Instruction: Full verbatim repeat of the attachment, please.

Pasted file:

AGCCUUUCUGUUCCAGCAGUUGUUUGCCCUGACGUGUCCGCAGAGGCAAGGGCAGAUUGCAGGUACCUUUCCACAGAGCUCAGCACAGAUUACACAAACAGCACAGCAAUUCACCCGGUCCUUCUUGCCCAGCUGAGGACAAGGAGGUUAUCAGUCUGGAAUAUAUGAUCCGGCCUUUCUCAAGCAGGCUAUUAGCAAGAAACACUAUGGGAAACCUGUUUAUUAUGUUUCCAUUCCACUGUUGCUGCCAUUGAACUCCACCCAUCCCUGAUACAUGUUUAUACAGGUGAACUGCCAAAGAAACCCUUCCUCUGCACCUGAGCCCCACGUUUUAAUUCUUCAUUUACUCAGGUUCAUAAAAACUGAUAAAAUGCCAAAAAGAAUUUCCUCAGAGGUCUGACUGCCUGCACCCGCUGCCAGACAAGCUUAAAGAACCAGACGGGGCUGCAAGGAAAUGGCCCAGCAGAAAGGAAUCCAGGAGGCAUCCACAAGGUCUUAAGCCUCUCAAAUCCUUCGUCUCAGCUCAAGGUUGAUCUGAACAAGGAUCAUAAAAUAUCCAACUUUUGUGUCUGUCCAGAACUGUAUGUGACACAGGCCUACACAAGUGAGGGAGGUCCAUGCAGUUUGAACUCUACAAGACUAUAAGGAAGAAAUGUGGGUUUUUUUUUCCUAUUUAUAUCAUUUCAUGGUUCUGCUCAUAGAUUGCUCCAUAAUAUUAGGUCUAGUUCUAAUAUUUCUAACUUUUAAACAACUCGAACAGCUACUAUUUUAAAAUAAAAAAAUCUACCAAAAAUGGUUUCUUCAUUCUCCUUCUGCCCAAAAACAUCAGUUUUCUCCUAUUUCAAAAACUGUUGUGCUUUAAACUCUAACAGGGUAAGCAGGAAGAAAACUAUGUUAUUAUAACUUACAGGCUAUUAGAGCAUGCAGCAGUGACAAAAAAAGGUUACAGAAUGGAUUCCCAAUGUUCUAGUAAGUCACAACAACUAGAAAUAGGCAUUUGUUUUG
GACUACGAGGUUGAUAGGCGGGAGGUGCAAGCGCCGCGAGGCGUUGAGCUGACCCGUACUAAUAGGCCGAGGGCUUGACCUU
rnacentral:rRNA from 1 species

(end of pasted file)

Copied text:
AGCCUUUCUGUUCCAGCAGUUGUUUGCCCUGACGUGUCCGCAGAGGCAAGGGCAGAUUGCAGGUACCUUUCCACAGAGCUCAGCACAGAUUACACAAACAGCACAGCAAUUCACCCGGUCCUUCUUGCCCAGCUGAGGACAAGGAGGUUAUCAGUCUGGAAUAUAUGAUCCGGCCUUUCUCAAGCAGGCUAUUAGCAAGAAACACUAUGGGAAACCUGUUUAUUAUGUUUCCAUUCCACUGUUGCUGCCAUUGAACUCCACCCAUCCCUGAUACAUGUUUAUACAGGUGAACUGCCAAAGAAACCCUUCCUCUGCACCUGAGCCCCACGUUUUAAUUCUUCAUUUACUCAGGUUCAUAAAAACUGAUAAAAUGCCAAAAAGAAUUUCCUCAGAGGUCUGACUGCCUGCACCCGCUGCCAGACAAGCUUAAAGAACCAGACGGGGCUGCAAGGAAAUGGCCCAGCAGAAAGGAAUCCAGGAGGCAUCCACAAGGUCUUAAGCCUCUCAAAUCCUUCGUCUCAGCUCAAGGUUGAUCUGAACAAGGAUCAUAAAAUAUCCAACUUUUGUGUCUGUCCAGAACUGUAUGUGACACAGGCCUACACAAGUGAGGGAGGUCCAUGCAGUUUGAACUCUACAAGACUAUAAGGAAGAAAUGUGGGUUUUUUUUUCCUAUUUAUAUCAUUUCAUGGUUCUGCUCAUAGAUUGCUCCAUAAUAUUAGGUCUAGUUCUAAUAUUUCUAACUUUUAAACAACUCGAACAGCUACUAUUUUAAAAUAAAAAAAUCUACCAAAAAUGGUUUCUUCAUUCUCCUUCUGCCCAAAAACAUCAGUUUUCUCCUAUUUCAAAAACUGUUGUGCUUUAAACUCUAACAGGGUAAGCAGGAAGAAAACUAUGUUAUUAUAACUUACAGGCUAUUAGAGCAUGCAGCAGUGACAAAAAAAGGUUACAGAAUGGAUUCCCAAUGUUCUAGUAAGUCACAACAACUAGAAAUAGGCAUUUGUUUUG
GACUACGAGGUUGAUAGGCGGGAGGUGCAAGCGCCGCGAGGCGUUGAGCUGACCCGUACUAAUAGGCCGAGGGCUUGACCUU
rnacentral:rRNA from 1 species